CoQ10: Dr Peter J. Rice
Coenzyme Q10: CoQ10
Some time back, while shopping at Costco, my wife was concerned about staying healthy and was looking for something to take. With no particular symptom or problem in mind, I suggested Coenzyme Q10: CoQ10. We already both take multivitamins and I take additional vitamin C and vitamin D.
CoQ10 is a dietary supplement that helps mitochondria function well. CoQ10 is not a vitamin because humans can make their own supply, with about half coming from diet and about half made by the body. CoQ10 is present in almost all cells and in high concentrations of the heart, liver, kidney, and pancreas.
CoQ10 plays an important role in several pathways that help mitochondria:
- it facilitates energy production in mitochondria, which generate energy for cells all around the body;
- it protects against oxidative stress produced by free radicals;
- it helps regenerate other antioxidants, like vitamin C and vitamin E.
Coenzyme Q10 has been used orally for a variety of diseases involving muscle, heart, nerves and other organs. CoQ10 has been used in Europe and Japan for many years to improve cardiac muscle function in heart failure patients.
It usually bothers me to encounter medications that work for “everything”. Knowing that a medication – or in this case a dietary supplement – can do a lot of things always suggests to me that it may not do any of them well. But in the case of CoQ10, there is a rationale for why it may help individual patients with diverse clinical problems.
Mitochondria are inherited from our mothers separate from our other chromosomal traits, like hair and eye color. Mitochondria are the powerhouses of the cell, and can differ between parts of the body, so some tissues may have better energy production than other tissues. If a tissue’s mitochondria falter, that tissue can dysfunction and contribute to disease; so, mitochondrial dysfunction has been implicated in many disease states, including those helped by CoQ10.
Coenzyme Q-10 is fat soluble and acts similar to a vitamin.
- Its primary functions include activity as an antioxidant, membrane stabilizer, and a cofactor in many metabolic pathways, particularly in the production of energy within cells.
- Highest concentrations are in the first 20 years of life and decrease with age.
CoQ10 has been shown to be safe to take in studies lasting up to 2½ years. The recommended dose of CoQ10 is 200mg daily; some studies have used a dosage of 600mg/day. CoQ10 has been well-tolerated in clinical studies, with no significant adverse effects.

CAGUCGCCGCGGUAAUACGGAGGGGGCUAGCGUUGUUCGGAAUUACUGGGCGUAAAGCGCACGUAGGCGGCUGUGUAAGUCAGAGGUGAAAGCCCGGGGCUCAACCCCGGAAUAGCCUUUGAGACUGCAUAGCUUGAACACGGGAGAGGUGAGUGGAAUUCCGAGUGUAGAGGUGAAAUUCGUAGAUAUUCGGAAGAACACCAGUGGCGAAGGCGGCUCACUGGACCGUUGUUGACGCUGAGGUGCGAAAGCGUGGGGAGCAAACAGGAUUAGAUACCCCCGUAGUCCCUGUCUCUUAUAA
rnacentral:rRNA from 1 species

CoQ10 is considered likely effective (by the Natural Medicines Database) for CoQ10 deficiency, which is characterized by weakness, fatigue and sometimes seizures, and for mitochondrial dysfunction.
CoQ10 is considered possibly effective in:
- age related macular degeneration
- congestive heart failure
- diabetic neuropathy
- Huntington’s disease
- ischemic reperfusion injury
- migraine headaches
- muscular dystrophy
- myocardial infarction
- Parkinson’s disease.
CoQ10 is considered possibly ineffective for Alzheimer’s disease, Lou Gehrig’s disease, high cholesterol and post-polio syndrome. There are many other symptoms for which there is insufficient evidence on the effectiveness of CoQ10. But don’t expect CoQ10 to help with athletic performance.
In my opinion, CoQ10 is safe and worth a try if you believe it might help you. One never knows if your mitochondria would benefit from a boost. Since we had no therapeutic goal in mind, I can’t say that CoQ10 helped Sandy, but she continues to take it. It is also one of the pricier supplements.
As with so many drugs and dietary supplements, it is a good idea to speak with your primary care physician or pharmacist. Have your pharmacist check for possible drug interactions if you are taking other medicines.
Plan on taking CoQ10 for at least 2-4 weeks before deciding if it is effective. Take care of yourself.
Natural Medicines Database
National Institutes of Health Office of Dietary Supplements
National Center for Complementary and Integrative Medicine
Anastasia Sosa Vozza Bell, PharmD candidate at the University of Colorado Skaggs School of Pharmacy
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